The growing demand of secondary education in Tanzania

A missing link to quality


Essay, 2012
25 Pages, Grade: 1-3

Excerpt

Table of Contents

Abstract:

Introduction:

What is Secondary Education?

What is Secondary School?

What is Education?

What is quality?

In the context of education what does quality mean?

What is Quality Education?

Why focus on Quality?

Factors which influence Education Quality:

Other attributes of Quality Education:

Reasons for Expansion of Secondary Schools in Tanzania:

Key policy Challenges:

Policy challenge one: Establish clear targets

Policy challenge two: Focus on outcomes, not inputs

Policy challenge three: Teachers and teacher support over infrastructure

Policy challenge four: measuring success

Policy challenge five: language of instruction

Way forward:

Conclusion:

Refences:

The growing demand of secondary education in Tanzania: A missing link to quality

Abstract:

This paper is about the growing demand of secondary education in Tanzania and it shows a blink of a missing link to quality. It further defines the overlooked terms by many such as education quality and quality it self. It defines education and what a secondary school education mean and it tresses the growths of education in Tanzania. Just as preferred by (Samra and Rajan, 2006) in most cases in the context of this work primary and secondary education are treated together, because they are inextricably linked in so many ways, and because success at the secondary level is fundamentally dependent on getting the basics right at the primary level. In its briefest sense the work is divided into introduction, discussion of different factors influencing education quality in the context of Tanzania and it provides way forward to curb the withering factors to quality education and its conclusion is made forth.

Keywords: growing demand, secondary education, quality

Introduction:

The major aim of giving education to all Tanzanians is to provide them with a concrete and reliable basis for a self-reliant life. The education that can be guaranteed to all in Tanzania is primary education. Since independence in 1961, education has always been seen as the core of national development, although rapid expansion-especially of primary schools-came after the 1974 Universal Primary Education (U.P.E.) programme (Chonjo, 1994). Historically, immediately after independence in Tanzania, there were different measures undertaken by the government to provide education to Tanzanians, there was Act number 37 which stopped and cleared the religious and racial discrimination in education, whereby the syllabus were reformed to be one and all people were made accessible to education without racial and religious discrimination (Ishumi, 1978). Unfortunately, more emphasis was directed towards primary education as indicated by Universal Primary Education (UPE) of 1974 and Primary Education Development Program (PEDP) of 2001. For many years Secondary Education in Tanzania has received very little attention from the government in particular in terms of allocation of resources for expansion and secondary education served the purpose of producing manpower for different public services.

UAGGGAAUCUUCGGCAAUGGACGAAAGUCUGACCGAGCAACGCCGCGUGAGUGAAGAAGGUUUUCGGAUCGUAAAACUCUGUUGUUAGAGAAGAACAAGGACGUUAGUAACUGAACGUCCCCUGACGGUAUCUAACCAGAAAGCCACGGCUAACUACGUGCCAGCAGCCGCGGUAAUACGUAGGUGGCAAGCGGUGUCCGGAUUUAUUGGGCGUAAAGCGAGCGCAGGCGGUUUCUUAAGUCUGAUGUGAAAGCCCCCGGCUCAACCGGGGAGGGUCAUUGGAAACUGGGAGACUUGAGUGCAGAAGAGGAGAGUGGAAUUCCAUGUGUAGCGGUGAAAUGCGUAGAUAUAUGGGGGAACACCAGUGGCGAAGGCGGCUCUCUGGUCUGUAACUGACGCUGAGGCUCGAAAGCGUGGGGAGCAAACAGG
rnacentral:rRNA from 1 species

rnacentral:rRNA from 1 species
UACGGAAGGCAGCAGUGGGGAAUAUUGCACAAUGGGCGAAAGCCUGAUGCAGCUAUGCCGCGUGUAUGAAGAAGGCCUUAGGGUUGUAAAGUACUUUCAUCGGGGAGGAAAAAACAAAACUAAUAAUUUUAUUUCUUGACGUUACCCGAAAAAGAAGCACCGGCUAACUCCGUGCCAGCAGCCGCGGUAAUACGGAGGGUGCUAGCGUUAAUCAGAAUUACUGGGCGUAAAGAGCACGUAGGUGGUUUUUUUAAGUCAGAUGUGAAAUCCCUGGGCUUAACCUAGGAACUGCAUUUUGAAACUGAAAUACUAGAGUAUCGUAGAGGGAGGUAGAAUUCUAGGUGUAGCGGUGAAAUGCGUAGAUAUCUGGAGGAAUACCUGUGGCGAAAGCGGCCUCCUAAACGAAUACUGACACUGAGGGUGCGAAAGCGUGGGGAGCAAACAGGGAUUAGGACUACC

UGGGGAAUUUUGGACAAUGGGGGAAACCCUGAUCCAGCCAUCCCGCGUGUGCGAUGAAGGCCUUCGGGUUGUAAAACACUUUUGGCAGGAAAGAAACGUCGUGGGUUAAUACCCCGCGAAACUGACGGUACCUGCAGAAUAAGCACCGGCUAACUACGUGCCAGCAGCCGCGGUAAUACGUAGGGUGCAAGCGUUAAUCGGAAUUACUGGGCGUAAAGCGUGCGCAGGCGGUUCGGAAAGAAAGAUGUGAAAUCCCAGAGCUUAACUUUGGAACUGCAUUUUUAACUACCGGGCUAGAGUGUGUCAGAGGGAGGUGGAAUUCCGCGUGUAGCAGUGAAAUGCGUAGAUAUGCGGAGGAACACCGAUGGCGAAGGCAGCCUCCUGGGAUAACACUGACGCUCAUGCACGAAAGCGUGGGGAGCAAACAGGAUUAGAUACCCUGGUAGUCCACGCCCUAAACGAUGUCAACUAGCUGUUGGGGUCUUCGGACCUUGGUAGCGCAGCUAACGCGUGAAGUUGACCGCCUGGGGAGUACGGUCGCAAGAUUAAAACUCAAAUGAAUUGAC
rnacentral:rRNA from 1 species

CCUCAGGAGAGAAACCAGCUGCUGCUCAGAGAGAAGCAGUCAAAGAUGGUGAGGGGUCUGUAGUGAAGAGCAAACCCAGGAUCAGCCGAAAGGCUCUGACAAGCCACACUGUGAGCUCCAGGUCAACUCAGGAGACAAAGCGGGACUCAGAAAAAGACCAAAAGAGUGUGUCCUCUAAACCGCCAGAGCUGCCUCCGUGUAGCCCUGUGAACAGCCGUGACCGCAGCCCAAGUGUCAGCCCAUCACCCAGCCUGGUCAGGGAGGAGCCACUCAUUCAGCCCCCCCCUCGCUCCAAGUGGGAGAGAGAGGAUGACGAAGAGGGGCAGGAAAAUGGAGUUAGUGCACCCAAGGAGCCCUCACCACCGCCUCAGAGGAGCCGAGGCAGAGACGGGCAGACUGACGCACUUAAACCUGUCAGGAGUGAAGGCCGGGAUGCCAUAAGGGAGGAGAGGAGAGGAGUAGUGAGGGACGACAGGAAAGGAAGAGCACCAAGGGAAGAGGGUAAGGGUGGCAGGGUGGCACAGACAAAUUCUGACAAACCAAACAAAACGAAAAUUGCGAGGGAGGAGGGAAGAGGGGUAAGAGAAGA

Following the above move, it has been noticed that very little was done to expand secondary education. Therefore several administrative and managerial decisions were however taken to waive school fees in 1964, also introduction of quarter system in 1964 to eradicate education disparities inherited from colonial legacy and the diversification and vocationalization of secondary education in 1973. Generally, secondary education has enjoyed little support from the government however from mid 1980s there has been a rapid expansion of secondary education like high enrolment, increase of structures like more schools and building of more classes (Chonjo, 1994). The proliferation of many schools is manifested in the establishment of community schools popularly know as ‘Shule za Kata’ (community schools).

In connection to the above trend, it is at this very beginning conceived that the act of the Tanzanian government to establish many schools especially the community secondary schools popularly known as “shule za kata” is particularly equated to the act of “homeostasis”. It was first coined as milieu intérieur meaning homeostasis by a French physiologist Claude Bernard.